In addition to the dynamics, the attraction of the variety in the shot-reverse shot is obvious. Exchange of words, looks and shots, the terms already refer to the tried and tested means of assembly. Montage has ensured variety for the audience since the beginning. The viewer never knows exactly what he will see after a cut. In short, his perception of the film is destabilized by the cut, because in contrast to the flowing everyday perception, the visual system, which is closely linked to the brain, has to readjust itself every time in order to get over a cut. This is why the shooting angle, the eyeline matching (line of sight) and the 180 ° action radius in front of the camera (camera axis) are also important in the case of a shot-reverse shot, so that there is no confusion in the spatial mediation of the scene, the eyes do not pass one another, the camera does not jump over the axis incorrectly (axis jump problem). All of this has been determined by a set of rules from the mid-30s in the Hollywood system that has become classic. The studios' industrial production method has therefore also established assembly principles which, once they have been tried and tested, are part of the repertoire that has been adopted by everyone and which, thanks to the routine, allow filming quickly and efficiently. This also made it possible to integrate the necessary economic aspect for the film industry into the shot-reverse-shot principle.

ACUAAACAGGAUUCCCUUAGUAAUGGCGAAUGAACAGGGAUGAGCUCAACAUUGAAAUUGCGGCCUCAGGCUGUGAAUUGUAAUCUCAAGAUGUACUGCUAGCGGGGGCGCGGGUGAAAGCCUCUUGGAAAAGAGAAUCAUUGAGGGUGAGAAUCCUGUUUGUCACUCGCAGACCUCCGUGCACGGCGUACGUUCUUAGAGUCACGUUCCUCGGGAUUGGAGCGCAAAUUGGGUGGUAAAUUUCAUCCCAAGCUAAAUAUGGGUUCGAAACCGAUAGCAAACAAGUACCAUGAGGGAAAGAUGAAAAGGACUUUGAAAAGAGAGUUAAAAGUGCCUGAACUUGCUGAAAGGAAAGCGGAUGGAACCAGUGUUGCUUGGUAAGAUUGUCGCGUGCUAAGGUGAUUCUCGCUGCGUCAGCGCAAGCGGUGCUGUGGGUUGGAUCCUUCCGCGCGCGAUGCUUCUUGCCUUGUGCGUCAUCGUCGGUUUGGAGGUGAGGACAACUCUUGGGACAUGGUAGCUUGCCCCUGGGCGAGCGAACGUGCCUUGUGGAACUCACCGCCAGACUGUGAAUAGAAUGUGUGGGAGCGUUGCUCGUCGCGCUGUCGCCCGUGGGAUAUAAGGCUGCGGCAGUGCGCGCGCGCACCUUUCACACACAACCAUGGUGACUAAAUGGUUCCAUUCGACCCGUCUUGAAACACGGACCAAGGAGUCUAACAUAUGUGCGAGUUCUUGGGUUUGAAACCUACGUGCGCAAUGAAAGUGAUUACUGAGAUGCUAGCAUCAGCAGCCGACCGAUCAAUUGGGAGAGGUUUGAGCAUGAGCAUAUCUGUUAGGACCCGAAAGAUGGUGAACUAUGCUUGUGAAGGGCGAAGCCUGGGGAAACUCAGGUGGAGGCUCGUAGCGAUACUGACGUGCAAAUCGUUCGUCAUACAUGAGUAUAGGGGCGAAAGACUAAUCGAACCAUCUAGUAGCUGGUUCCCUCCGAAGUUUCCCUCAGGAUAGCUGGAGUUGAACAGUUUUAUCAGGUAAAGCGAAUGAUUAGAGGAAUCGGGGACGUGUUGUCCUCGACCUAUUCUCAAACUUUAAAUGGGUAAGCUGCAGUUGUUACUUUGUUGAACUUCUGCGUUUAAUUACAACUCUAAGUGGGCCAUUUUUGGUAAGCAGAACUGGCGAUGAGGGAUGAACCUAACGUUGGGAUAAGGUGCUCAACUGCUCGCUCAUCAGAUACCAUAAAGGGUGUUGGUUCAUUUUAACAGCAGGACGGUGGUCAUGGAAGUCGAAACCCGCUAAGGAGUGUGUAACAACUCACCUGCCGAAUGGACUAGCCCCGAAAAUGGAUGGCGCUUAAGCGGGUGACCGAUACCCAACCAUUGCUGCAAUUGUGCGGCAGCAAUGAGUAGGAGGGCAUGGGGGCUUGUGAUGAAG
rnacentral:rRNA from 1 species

But the economy of the film industry alone is not a criterion for the audience for its constant affection for the paired arrangement through montage, which at the same time harbors the risk of monotony. The smell of ready-made goods stubbornly sticks to studio productions, mainstream films and Hollywood cinemas, because standardized cut film material does not obey artistic autonomy, but rather the law of value of a capitalist industry. Can shot-backshot now serve as a touchstone for the old controversy between art and commerce?